The measure contains a number of provisions dear to the hearts of Democrats and many moderates: empowering Medicare to negotiate prices for several key drugs, capping Medicare recipients’ out-of-pocket costs at $2,000 a year, climate control incentives, extension of federal health care subsidies, a 15 percent minimum tax for most corporations whose profits exceed $1 billion a year, and other long-sought goodies.

By raising more money than the act will spend over a 10-year period, it will also enable the government to pay down some of the national debt by several hundred billion dollars. That hasn’t happened for the past 25 years.

A section of the act that particularly irritates Congressional Republicans – and many of their well-heeled donors – increases the funding of the Internal Revenue Service (IRS) by $80 billion over the next 10 years. A little more than half of that increase will go to hire thousands of new agents to audit tax returns.

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Iowa environmentalists react to Inflation Reduction Act

Meaningful Congressional action on climate change seemed doomed in the 50-50 U.S. Senate after Democratic Senator Joe Manchin of West Virginia tanked President Joe Biden’s Build Back Better proposal earlier this year. But on August 7, Vice President Kamala Harris cast the tie-breaking 51st vote to approve the Inflation Reduction Act of 2022. All Republicans, including Iowa’s Senators Joni Ernst and Chuck Grassley, voted against final passage.

Assuming the U.S. House approves the bill (a vote is scheduled for August 12), Biden is poised to sign into law “the single biggest climate investment in U.S. history, by far.” In addition to significant changes to the tax system and health care policy, the massive package includes $369 billion in spending aimed at reducing greenhouse gas emissions and promoting clean energy.

According to summaries of the bill’s energy and climate provisions, enclosed in full below, the bill could help reduce greenhouse gas emissions to 40 percent below 2005 levels by 2030. However, the bill’s incentives for the fossil fuels industry—which were necessary to get Manchin on board—are troubling for many environmental advocates.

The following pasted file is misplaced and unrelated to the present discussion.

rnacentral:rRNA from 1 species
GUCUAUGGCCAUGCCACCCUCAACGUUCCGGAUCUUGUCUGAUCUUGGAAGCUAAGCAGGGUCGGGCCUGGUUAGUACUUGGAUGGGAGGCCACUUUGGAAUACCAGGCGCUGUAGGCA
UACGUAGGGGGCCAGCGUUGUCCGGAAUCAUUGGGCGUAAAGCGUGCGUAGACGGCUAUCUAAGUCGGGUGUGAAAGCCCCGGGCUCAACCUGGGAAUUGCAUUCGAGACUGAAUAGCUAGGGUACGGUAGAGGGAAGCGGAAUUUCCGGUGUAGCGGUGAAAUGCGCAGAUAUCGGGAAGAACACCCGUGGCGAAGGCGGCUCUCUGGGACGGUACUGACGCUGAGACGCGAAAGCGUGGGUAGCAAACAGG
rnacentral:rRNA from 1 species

Bleeding Heartland sought comment from some Iowans who have been engaged in policy battles related to climate change and the environment.

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Contraception is also health care

Shawna Anderson: Birth control pills may have saved my life and also helped me to conceive.

When the U.S. House approved a bill in July to protect Americans’ access to birth control, 195 Republicans voted no. Those House members, including Iowa’s Representatives Ashley Hinson, Mariannette Miller-Meeks, and Randy Feenstra, opposed codifying not only my right to access family planning, but also my health care.

As a 43-year-old married mother of two and grandmother, I never thought I would see the day that I needed to defend access to any reproductive care, but here we are. After the U.S. Supreme Court overturned what I grew up hearing was the law of the land, Democrats are trying to ensure that people like me will have access to the health care we need.

A friend once told me we should call birth control hormone therapy, because that’s really what it is. Not only does it aid in family planning, but it can treat some medical issues. Let me tell you how birth control/hormone therapy may have saved my life and helped me to conceive.